After a couple of short walks, it doesn't really feel like I'm getting better in the slightest, but my body is just about beginning to mend itself. It's difficult to accept a limit to what you can do - particularly when that limit is small, and even more so when just a week-or-so ago it really wasn't so small - and learning to live within that limit is a bit of challenge. There have been several occasions where even mild exertion has resulted in a two-hour recovery in bed or on the settee. Still, bodies do heal and I can expect at some point to be able to do things like walk a quarter-mile without needing a sit down.
So, continuing the theme from earlier this week of short fictions that I have written, here's another. This one does very much fall foul of some of my own criticisms of other people's short writing, but here you go. I was obviously reading something achingly pretentious when I wrote it, judging by the way it's written. Enjoy...
The heat of battle is a good place to make a resolution, I suppose. Looking back on it now, from the distant reaches of my old age, it might seem that my recollections ought to be fuzzy, somehow, lacking the distinct detail of recent memories. It is not so, however. I wonder whether there is an element in what I remember of the extra flavour, the after-the-fact additions that enhance the story in the retelling, gradually accumulating until what is told is unrecognisable as what actually happened.
It happened at night, but in the flickering light of fire glinting from all manner of metal I could pick out the warped faces of friend and foe, indistinguishable because of their being alike in expressions of exultation. I fought my way through, trying to find sanctuary, desperate to be released from the press of bodies, sweating, heaving, limbs flailing, flinging salt liquid that stings the eyes.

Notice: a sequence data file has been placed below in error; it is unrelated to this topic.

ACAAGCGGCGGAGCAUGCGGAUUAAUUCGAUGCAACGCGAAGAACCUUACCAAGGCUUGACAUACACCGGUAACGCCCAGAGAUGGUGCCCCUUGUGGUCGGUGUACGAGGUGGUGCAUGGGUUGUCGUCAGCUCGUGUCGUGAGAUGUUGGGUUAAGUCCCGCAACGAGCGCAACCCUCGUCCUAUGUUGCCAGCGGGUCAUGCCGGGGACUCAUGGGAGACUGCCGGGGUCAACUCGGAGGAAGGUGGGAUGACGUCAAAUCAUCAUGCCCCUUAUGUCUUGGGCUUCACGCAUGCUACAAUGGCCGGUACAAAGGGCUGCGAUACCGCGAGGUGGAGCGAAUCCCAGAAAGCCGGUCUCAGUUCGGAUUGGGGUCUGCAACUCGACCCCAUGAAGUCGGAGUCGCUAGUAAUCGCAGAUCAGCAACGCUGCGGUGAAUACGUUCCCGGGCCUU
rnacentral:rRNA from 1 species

As I looked round, I saw one man fall, lost beneath the moving throng, trampled into the murky, muddy grime. His face is still clear to me now, young enough for me to think even at the time that he was too young. Now I look back and my mind's eye sees him as a child of thirteen or fourteen, but that cannot have been true. Age has changed something, but whether it is my perception or the content of the memory itself I cannot tell.
I spoke of resolution. I did not intend when I began to recount this memory to make some great play of this moment, but it seems that the change it brought was of such significance that I can't help but do so. I saw him, and the effect was like the proverbial bolt of lightning. When I remember I do not see through my own eyes, but as though from the perspective of a bystander, looking at me and at him from some impossible angle. Impossible, because there cannot have been a place to stand from which you could see me and him without there being a mass of humanity in between.
I seem to stand proud of that melee, elevated perhaps. He likewise is alone, unsurrounded. The noise, the heat, the density of the atmosphere all disappear, a distant and dim background to the two figures who approach each other untouched by the hands of those around them. In that moment I decided, I made my vow. He comes close, such that I can see his long fingers, his easy, supple strength, his life. For a moment, hesitation takes me. But I am first.
“Would you like to dance?”
When to the sessions of sweet silent thought